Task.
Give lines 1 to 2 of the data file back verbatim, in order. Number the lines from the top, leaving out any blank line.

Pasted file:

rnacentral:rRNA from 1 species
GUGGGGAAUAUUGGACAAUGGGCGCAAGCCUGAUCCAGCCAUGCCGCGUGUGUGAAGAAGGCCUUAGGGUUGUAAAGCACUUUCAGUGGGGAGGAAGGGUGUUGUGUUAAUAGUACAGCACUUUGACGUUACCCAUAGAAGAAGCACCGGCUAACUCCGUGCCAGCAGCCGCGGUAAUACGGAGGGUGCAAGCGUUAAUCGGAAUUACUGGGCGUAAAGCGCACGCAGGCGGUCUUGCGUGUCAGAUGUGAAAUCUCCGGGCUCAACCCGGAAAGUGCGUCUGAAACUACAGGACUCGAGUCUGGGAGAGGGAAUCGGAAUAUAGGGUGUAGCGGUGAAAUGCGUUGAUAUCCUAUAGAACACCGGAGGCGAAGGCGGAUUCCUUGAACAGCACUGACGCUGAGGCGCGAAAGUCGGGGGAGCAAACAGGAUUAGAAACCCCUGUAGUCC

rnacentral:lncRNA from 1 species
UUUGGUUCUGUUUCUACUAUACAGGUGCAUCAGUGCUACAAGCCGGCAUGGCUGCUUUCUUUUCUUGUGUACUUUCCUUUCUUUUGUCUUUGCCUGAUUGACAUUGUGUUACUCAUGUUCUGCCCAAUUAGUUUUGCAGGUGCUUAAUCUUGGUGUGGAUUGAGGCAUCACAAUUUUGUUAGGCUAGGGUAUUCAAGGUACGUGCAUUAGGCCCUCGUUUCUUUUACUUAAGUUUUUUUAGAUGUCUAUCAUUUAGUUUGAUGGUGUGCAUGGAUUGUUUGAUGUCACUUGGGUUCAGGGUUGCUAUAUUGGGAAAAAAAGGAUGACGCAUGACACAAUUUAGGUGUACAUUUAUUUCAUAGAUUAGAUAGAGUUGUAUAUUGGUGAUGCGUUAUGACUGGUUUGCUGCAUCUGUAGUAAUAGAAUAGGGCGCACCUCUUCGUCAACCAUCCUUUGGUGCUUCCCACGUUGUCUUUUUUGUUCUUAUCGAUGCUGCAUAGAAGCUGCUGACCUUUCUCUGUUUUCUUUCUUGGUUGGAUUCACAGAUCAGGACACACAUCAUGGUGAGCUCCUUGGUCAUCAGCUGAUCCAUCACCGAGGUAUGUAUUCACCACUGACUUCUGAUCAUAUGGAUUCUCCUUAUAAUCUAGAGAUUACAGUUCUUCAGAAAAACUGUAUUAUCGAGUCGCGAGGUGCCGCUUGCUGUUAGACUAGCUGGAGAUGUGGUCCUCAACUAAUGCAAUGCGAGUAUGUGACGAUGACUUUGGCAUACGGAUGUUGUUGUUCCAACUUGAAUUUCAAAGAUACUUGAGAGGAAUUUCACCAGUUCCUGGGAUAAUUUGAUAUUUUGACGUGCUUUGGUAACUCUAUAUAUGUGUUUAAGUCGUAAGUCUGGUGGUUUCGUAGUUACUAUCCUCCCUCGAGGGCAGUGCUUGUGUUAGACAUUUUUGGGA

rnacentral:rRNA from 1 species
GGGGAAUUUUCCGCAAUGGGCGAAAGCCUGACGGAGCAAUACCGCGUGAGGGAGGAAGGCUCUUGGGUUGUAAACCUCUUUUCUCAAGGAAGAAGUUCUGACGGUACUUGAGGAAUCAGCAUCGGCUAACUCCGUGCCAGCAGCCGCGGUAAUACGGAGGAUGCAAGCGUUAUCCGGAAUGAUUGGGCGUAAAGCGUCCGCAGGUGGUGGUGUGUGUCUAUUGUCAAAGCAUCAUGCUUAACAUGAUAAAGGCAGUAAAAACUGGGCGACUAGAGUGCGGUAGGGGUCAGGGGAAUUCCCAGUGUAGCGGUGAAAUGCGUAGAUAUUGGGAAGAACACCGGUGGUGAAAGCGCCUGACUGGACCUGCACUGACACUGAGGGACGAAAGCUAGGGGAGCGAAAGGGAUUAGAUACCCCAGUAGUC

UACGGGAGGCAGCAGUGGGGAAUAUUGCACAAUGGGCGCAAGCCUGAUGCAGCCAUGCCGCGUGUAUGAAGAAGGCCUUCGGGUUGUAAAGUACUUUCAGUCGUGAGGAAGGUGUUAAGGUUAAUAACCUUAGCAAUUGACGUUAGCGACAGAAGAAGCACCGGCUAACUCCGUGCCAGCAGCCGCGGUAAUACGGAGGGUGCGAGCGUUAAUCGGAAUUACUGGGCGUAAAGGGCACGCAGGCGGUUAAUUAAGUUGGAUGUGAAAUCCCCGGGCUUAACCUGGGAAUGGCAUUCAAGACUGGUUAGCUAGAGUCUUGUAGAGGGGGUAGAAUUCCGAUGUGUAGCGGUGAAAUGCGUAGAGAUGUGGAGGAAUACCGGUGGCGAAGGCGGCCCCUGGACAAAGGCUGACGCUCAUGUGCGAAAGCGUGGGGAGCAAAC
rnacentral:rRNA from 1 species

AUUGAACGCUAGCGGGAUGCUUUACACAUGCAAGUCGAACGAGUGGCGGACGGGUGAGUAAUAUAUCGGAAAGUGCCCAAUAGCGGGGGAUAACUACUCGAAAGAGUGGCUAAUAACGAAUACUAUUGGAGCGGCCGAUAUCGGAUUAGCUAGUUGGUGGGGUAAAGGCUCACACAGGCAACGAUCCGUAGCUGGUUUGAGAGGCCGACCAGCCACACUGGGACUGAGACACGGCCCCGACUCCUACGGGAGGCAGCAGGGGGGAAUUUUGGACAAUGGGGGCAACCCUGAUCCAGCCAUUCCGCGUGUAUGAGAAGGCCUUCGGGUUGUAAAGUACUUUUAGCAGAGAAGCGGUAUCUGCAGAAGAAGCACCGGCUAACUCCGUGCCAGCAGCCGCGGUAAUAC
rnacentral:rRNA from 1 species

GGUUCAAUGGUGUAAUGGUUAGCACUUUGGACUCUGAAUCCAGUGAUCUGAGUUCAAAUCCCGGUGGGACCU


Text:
rnacentral:rRNA from 1 species
GUGGGGAAUAUUGGACAAUGGGCGCAAGCCUGAUCCAGCCAUGCCGCGUGUGUGAAGAAGGCCUUAGGGUUGUAAAGCACUUUCAGUGGGGAGGAAGGGUGUUGUGUUAAUAGUACAGCACUUUGACGUUACCCAUAGAAGAAGCACCGGCUAACUCCGUGCCAGCAGCCGCGGUAAUACGGAGGGUGCAAGCGUUAAUCGGAAUUACUGGGCGUAAAGCGCACGCAGGCGGUCUUGCGUGUCAGAUGUGAAAUCUCCGGGCUCAACCCGGAAAGUGCGUCUGAAACUACAGGACUCGAGUCUGGGAGAGGGAAUCGGAAUAUAGGGUGUAGCGGUGAAAUGCGUUGAUAUCCUAUAGAACACCGGAGGCGAAGGCGGAUUCCUUGAACAGCACUGACGCUGAGGCGCGAAAGUCGGGGGAGCAAACAGGAUUAGAAACCCCUGUAGUCC